THE chief of an organisation representing the Wimmera's Indigenous community says it is changing the way it communicates with members to meet their expectations.
Barengi Gadjin Land Council chief executive Michael Stewart's comment follows the organisation's board issuing a public apology to former executive officer Sandy Hodge and cultural heritage manager Gail Harradine.
The organisation said, in a statement on Friday, that the way in which it handled Mr Hodge and Ms Harradine's dismissals in 2010 was "unprofessional", "unjust" and "culturally inappropriate".
The statement also said "apparent rumours" of "alleged financial mismanagement" during their tenure were unfounded.
Mr Stewart said "a lot of stories were created" following the dismissals.
"A lot of statements were made that shouldn't have been - some of them breached other agreements which were in place, and that created a lot of mistrust. This apology process is about all of that," he said.
On June 1 2010, six Victoria Police staff escorted Mr Hodge, Ms Harradine and office manager Tracey Rigney from the land council's Darlot Street premises.
At the time, Mr Hodge told the Mail-Times the termination letters did not give reasons why the three staff members had been fired - referring only to an impasse between the board and staff and saying it would ensure the council could be run effectively.
Mr Stewart said mediation process had been ongoing for a number of years.
"We followed this process in accordance with our rule book and sought independent support for that," he said. "It's been an ebb and flow of family and directors to take part in that mediation that has drawn that out, unfortunately, but it's been great that after three or so years we have been able to get to this point."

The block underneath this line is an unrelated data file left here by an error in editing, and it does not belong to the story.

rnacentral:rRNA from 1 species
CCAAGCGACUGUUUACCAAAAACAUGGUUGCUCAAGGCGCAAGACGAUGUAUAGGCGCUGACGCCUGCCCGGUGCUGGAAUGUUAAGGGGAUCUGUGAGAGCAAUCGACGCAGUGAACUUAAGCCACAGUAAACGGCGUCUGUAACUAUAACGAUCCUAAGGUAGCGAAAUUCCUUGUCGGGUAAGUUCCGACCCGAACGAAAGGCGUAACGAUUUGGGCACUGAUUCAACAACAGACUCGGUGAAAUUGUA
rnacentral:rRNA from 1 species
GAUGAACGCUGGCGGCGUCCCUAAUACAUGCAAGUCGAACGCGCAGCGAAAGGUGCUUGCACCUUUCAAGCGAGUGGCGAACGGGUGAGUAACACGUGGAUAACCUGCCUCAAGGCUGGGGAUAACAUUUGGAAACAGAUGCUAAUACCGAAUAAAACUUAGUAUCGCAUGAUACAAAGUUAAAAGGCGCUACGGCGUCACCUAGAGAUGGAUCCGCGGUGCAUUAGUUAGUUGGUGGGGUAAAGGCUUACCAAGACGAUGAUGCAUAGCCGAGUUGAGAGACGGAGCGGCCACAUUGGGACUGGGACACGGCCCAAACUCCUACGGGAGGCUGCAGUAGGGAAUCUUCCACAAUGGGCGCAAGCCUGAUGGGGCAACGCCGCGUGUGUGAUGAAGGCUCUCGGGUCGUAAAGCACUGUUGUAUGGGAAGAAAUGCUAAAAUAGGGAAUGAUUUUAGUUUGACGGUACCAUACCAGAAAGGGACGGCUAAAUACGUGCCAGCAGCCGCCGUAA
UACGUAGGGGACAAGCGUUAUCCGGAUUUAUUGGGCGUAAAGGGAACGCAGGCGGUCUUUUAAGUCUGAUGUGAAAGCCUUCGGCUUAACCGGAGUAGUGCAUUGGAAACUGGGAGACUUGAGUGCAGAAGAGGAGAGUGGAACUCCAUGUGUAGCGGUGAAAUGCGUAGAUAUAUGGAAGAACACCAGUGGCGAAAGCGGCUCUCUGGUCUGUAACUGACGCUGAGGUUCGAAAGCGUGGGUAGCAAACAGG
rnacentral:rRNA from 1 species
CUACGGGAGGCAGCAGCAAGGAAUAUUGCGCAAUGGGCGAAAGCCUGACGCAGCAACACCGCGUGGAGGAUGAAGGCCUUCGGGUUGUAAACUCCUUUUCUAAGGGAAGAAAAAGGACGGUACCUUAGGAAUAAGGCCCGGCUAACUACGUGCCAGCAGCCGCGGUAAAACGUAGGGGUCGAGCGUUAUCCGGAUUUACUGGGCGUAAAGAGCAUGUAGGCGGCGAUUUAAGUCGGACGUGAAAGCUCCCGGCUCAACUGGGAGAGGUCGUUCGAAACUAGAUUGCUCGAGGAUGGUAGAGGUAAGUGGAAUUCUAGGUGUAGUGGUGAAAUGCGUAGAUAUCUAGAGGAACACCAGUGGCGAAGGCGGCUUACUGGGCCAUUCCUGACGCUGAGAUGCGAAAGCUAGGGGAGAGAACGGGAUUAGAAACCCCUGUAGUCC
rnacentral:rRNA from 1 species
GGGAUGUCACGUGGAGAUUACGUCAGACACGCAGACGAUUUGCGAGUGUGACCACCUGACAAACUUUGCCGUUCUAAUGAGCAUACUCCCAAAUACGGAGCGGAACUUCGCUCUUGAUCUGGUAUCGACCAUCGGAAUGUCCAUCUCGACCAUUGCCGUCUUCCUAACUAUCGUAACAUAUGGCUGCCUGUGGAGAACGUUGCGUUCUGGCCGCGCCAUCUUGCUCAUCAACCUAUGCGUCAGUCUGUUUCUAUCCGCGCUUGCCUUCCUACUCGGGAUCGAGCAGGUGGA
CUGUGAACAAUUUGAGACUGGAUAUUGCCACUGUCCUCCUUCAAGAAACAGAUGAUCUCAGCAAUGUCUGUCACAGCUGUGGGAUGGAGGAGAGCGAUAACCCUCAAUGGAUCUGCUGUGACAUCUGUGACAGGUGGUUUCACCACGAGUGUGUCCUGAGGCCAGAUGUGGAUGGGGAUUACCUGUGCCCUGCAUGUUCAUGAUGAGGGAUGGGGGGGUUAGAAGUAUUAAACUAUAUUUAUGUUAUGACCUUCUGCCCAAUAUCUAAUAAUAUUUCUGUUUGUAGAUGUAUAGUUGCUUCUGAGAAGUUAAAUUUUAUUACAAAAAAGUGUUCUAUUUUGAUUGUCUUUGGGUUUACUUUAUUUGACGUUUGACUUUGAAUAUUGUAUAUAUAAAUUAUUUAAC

Mr Stewart said there had been no financial settlement as part of the mediation.
He said Barengi Gadjin Land Council had changed its internal communication processes following broadscale engagement with Traditional Owners.
"We have a different governance structure around adhering to the principles of free, prior and informed consent around decision-making processes," he said.
"A lot of those conversations the board will refer to our full group to ensure as many people as possible can understand various opportunities, concerns or risks within Traditional Owner rights and interests.
"That then provides us with a strong mandate for the corporation to protect and manage those rights and interests. (Things like) managing community hurt... there is an expectation of the mob to provide leadership in that space for all family groups to be able work together, even where there are differences."
The land council represents Wotjobaluk, Jaadwa, Jadawadjali, Wergaia and Jupagalk Traditional Owners of the Wimmera and Southern Mallee.
Its members are descendents of eight common ancestors born in the region in the 19th century.
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